Assistant State's Attorney Baker testified that he ordered McHale's arrest after being informed by Sgt. Harrison of his identity. He stated that McHale was arrested because he was a known gambler; he was known to frequent Christopher's Lounge, and was suspected of picking up bets there; and as soon as he saw the police he tried to leave. When asked what criminal act McHale had committed, he stated that McHale was suspected of violating the Act of Gambling.

Officer Grehn, when asked why McHale was arrested, said he had heard the name and reputation, and understood why the arrest was being made when told this man was Larry McHale. He stated that McHale was doing nothing to justify an arrest when he walked into the restaurant, and he had no knowledge of McHale having just committed any crime. He said McHale was arrested because he was a known gambler and was seen in a gambling place.

Officer Swalwell testified that McHale wasn't committing any crime as he walked through the door, and that he had no knowledge of McHale having previously committed one. He said McHale was arrested on the basis that he was a known gambler. He further testified that on November 19th, he (Swalwell) had placed a bet with Danny at Christopher's Lounge. On that date, Dick Donkel came in, took the contents of the cigar box and left. McHale also entered the Lounge, talked with Danny for three or four minutes, and left.

Sgt. Harrison testified, over defense objections, that his first official contact with McHale was in 1965, when he assisted the state police in arresting McHale in Island Lake; that he was also present when McHale was arrested in 1967; and that he was again present in 1968 when McHale was arrested for gambling. He stated that beginning in February, 1969, he maintained a surveillance of McHale, which continued until the arrest in November. During this time McHale followed a partial pattern. He would "Arrive in between 10:30 to a quarter to 11:00, at Dave's News Stand and pick up an Illinois Racing Form; drive to Christopher's Lounge or walk on to Mr. Bloomington's Barber Shop; and then to Matt's Tavern and to Christopher's; then to Ted Sterne's Basket Shop; and from there to Bill's Grill, and it would float back and forth."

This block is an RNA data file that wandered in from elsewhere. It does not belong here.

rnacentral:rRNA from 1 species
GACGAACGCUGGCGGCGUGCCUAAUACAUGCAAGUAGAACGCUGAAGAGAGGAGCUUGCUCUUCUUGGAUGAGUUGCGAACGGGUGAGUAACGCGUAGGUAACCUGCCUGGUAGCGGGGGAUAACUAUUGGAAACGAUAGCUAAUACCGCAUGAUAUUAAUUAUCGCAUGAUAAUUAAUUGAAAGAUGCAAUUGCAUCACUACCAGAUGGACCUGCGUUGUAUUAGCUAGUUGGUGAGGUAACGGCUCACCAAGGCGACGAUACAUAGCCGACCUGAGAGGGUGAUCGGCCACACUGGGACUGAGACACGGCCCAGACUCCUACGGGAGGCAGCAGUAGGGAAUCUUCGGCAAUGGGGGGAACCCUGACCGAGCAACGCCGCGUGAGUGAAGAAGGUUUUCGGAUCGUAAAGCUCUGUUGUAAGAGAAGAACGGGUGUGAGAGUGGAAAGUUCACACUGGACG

Officer McFeely testified that beginning in January-February, 1969, he conducted a gambling investigation, which included maintaining surveillance on Lawrence McHale. From February to November, 1969, except for a three week vacation, he followed McHale 1-3 times a week. He found that McHale frequented three basic places in the Crystal Lake area: Christopher's Lounge, Sterne's Lumber Co., and Bill's Grill. McFeely stated that on May 3, 1969, he was in Christopher's Lounge when McHale came in, talked with Christopher Metropulos, and took slips of paper from him. McHale watched the Kentucky Derby, and after the race, he went to a pool table, where he counted out money and gave it to people. McFeely stated, over objection, that McHale appeared to be paying off bets.

The trial court ordered the forfeiture of the car, ruling that the search of Lawrence McHale's person was valid under Ill. Rev. Stat. 1969, ch. 38, par. 108-9, which provides:

"In the execution of the warrant the person executing the same may reasonably detain to search any person in the place at the time:

(a) To protect himself from attack, or

(b) To prevent the disposal or concealment of any instruments, articles or things particularly ...

Buy This Entire Record For $7.95

Download the entire decision to receive the complete text, official citation,
docket number, dissents and concurrences, and footnotes for this case.

Learn more about what you receive with purchase of this case.